Aliphatic and cycloaliphatic amines are well known in the art as hardening agents for epoxy resins. Such amines are readily available and produce excellent hardening results. However, aliphatic and cycloaliphatic amines are either soluble in water or form emulsions in water whereby they do not function well in the presence of water. That is, the solubility or emulsifying tendencies of amines in water tends to cause amines when used as hardening agents to be separated from the resin thereby diminishing the resin hardening process caused thereby.

The hardening agents of the improved resin compositions and methods of the present invention are comprised of certain adducts of aliphatic or cycloaliphatic amines. The adducts do not prevent the amines from producing rapidly hardened epoxy resins of excellent strengths, but they do obviate the problems associated with water solubility or emulsification described above.

An improved hardenable resin composition of the present invention is comprised of a hardenable polyepoxide resin, one or more substantially water immiscible diluents present in the resin composition in amounts sufficient to lower the viscosity of the composition to a desired level and a hardening agent comprised of an adduct formed by reacting an aliphatic or cycloaliphatic amine with the condensation reaction product of epichlorohydrin and bisphenol A. The term "aliphatic amine" is used hereinafter to mean cycloaliphatic amines as well as straight or branched chain amines.

While a variety of aliphatic amines can be utilized, preferred amines are those selected from the group consisting of ethylene diamine, triethylene tetramine, tetraethylene pentamine, bis-(p-aminocyclohexyl) methane, the diamines and triamines of cyclopentane and the diamines and triamines of cyclohexane, e.g., 1,2-diamino cyclohexane and 1,4-diamino cyclohexane. Of these, triethylene tetramine, 1,2-diamino cyclohexane and 1,4-diamino cyclohexane are more preferred with 1,4-diamino cyclohexane being the most preferred.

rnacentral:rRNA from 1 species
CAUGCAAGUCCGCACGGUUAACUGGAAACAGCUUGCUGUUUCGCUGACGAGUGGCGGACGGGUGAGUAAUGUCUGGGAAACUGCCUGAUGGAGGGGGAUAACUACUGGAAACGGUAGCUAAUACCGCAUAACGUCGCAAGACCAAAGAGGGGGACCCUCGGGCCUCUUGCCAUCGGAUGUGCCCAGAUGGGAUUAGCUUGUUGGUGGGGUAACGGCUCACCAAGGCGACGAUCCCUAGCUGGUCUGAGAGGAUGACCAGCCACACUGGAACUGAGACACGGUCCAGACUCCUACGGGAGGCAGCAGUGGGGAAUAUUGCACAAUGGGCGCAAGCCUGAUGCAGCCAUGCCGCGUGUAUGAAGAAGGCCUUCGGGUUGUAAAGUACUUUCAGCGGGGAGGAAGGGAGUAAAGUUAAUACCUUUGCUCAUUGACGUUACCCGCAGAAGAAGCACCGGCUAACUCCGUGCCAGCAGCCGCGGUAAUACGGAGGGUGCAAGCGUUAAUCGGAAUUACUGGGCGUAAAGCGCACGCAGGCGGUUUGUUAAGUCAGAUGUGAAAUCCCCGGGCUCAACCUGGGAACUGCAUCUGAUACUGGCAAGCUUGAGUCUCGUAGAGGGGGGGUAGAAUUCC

The adducts of the aliphatic amines are prepared by prereacting a selected amine with the reaction product of epichlorohydrin and bisphenol A. The condensation reaction product of epichlorohydrin and bisphenol A can be represented as follows: ##STR1##

When the condensation reaction product of epichlorohydrin and bisphenol A is reacted with an aliphatic amine, the adduct of the amine is formed. When the amine is, for example, 1,4-diamino cyclohexane, the adduct formation reaction can be represented as follows: ##STR2##

Polyepoxide resins which can be utilized in the above-described hardenable resin composition include condensation products of epichlorohydrin and multiple hydroxy compounds such as resourcinol hydroquinone, glycerine, pentaerythritol, 1,4-butanediol, phloroglucinol, bisphenol A and bisphenol F. The structural formula of bisphenol F is a follows: ##STR3## The preferred resins are the condensation resin products of epichlorohydrin and bisphenol A. A commercially available such product is marketed by the Shell Chemical Company of Houston, Tex., under the tradename Epon 828™. Epon 828™ resin exhibits good temperature stability and chemical resistance, and has a viscosity of about 15,000 centipoises.

The one or more substantially water immiscible diluents utilized in the resin composition are present therein in amounts sufficient to adjust the viscosity of the composition to a desired level, generally a level in the range of from about 100 centipoises to about 800 centipoises. Preferably, two polar organic diluents are used which are miscible with the polyepoxide resin and substantially immiscible with water. One of such diluents is preferably reactive with the epoxy resin component with the other diluent being non-reactive.

The substantially water immiscible reactive diluent is preferably comprised of at least one member selected from the group consisting of butyl glycidyl ether, cresol glycidyl ether, allyl glycidyl ether, phenyl glycidyl ether, diglycidyl ether of 1,4-butanediol (butyl diglycidyl ether) and resorcinol (resorcinol diglycidyl ether) and other glycidyl ethers which are miscible with the epoxy resin utilized. 0f these, butyl glycidyl ether and cresol glycidyl ether are the most preferred. The reactive diluent or diluents are generally present in the resin composition in an amount in the range of from about 2 to about 35 parts by weight per 100 parts by weight of the polyepoxy resin present. Preferably, the reactive diluent is present in the range of from about 15 to about 30, and most preferably, about 28 parts by weight per 100 parts by weight of polyepoxide resin.